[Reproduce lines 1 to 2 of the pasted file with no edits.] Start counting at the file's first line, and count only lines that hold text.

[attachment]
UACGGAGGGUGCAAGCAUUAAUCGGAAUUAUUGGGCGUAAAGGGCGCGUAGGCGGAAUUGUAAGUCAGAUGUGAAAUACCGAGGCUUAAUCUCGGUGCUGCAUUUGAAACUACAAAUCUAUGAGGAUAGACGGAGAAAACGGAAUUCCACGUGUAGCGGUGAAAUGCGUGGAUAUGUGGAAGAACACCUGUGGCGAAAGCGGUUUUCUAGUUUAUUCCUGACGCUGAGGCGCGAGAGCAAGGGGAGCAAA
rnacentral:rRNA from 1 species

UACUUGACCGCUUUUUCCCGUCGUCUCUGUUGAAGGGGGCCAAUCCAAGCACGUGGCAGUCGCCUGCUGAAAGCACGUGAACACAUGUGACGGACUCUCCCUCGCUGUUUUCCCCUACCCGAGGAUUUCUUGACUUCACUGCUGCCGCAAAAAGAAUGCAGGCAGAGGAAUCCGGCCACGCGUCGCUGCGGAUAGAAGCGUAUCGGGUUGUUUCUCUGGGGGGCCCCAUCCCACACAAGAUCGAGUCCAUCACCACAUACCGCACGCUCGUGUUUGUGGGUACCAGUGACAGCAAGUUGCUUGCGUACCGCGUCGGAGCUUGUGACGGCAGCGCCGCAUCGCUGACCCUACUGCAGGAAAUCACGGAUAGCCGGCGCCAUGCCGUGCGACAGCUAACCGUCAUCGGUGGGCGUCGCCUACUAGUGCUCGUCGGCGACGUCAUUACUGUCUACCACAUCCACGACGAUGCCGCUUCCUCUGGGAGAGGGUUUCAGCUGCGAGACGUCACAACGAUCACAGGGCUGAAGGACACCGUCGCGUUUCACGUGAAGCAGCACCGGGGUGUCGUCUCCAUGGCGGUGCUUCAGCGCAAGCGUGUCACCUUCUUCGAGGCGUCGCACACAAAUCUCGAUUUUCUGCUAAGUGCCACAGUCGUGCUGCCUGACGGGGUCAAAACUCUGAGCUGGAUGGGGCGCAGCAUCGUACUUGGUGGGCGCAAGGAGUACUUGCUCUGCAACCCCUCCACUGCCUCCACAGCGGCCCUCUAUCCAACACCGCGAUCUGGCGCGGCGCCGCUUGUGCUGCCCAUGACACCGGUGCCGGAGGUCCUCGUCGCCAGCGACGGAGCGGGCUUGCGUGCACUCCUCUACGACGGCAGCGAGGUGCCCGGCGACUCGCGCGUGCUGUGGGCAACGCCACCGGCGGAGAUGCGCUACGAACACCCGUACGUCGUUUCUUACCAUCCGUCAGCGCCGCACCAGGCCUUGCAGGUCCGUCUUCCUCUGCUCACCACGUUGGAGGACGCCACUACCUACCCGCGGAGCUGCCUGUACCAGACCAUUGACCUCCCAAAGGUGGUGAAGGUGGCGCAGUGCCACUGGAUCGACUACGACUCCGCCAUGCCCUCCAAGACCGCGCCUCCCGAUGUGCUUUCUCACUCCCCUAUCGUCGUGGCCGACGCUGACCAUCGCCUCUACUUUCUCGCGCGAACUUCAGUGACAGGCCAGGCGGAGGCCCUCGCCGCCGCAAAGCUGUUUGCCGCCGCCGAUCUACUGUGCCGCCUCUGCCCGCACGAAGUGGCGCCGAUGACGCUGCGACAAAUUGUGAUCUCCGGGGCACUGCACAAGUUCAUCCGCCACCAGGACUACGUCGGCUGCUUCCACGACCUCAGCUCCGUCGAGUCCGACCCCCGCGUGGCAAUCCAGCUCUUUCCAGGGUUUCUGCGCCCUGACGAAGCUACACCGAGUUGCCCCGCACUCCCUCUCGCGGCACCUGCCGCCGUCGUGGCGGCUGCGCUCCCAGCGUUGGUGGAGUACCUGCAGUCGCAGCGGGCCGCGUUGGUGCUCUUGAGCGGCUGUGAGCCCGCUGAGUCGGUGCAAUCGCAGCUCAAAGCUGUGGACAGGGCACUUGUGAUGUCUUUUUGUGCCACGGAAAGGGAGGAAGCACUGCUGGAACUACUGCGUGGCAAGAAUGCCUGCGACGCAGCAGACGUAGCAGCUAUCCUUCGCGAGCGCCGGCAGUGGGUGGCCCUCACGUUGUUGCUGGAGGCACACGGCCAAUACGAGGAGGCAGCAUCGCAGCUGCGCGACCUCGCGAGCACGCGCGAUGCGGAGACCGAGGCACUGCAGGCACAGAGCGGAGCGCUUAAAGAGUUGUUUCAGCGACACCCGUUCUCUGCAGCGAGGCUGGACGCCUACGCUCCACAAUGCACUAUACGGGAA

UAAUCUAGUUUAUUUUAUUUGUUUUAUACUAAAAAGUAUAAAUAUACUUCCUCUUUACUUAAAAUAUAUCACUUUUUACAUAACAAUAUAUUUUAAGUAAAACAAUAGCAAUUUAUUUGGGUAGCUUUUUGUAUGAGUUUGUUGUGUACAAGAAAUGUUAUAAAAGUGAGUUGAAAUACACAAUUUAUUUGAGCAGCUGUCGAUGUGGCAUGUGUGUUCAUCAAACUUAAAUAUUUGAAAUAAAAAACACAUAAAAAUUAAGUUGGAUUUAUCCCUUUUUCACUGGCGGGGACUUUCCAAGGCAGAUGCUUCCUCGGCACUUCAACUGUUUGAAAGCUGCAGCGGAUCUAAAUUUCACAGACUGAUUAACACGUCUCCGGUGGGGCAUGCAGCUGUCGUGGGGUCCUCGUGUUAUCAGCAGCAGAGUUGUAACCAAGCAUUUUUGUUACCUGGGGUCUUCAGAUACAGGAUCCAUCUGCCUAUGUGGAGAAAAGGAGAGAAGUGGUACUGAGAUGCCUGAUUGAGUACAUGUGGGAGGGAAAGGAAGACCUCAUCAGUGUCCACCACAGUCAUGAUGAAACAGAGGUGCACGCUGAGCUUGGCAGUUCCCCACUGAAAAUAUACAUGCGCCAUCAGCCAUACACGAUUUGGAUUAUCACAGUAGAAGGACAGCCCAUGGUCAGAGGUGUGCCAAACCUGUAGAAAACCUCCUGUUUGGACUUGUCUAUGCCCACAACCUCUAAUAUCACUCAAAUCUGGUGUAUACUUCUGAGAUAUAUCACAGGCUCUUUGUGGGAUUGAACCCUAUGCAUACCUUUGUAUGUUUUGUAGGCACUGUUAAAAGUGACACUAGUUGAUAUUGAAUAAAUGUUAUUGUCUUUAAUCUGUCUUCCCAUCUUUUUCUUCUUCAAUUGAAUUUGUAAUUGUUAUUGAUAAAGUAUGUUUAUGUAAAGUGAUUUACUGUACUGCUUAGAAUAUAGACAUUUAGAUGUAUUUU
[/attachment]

UACGGAGGGUGCAAGCAUUAAUCGGAAUUAUUGGGCGUAAAGGGCGCGUAGGCGGAAUUGUAAGUCAGAUGUGAAAUACCGAGGCUUAAUCUCGGUGCUGCAUUUGAAACUACAAAUCUAUGAGGAUAGACGGAGAAAACGGAAUUCCACGUGUAGCGGUGAAAUGCGUGGAUAUGUGGAAGAACACCUGUGGCGAAAGCGGUUUUCUAGUUUAUUCCUGACGCUGAGGCGCGAGAGCAAGGGGAGCAAA
rnacentral:rRNA from 1 species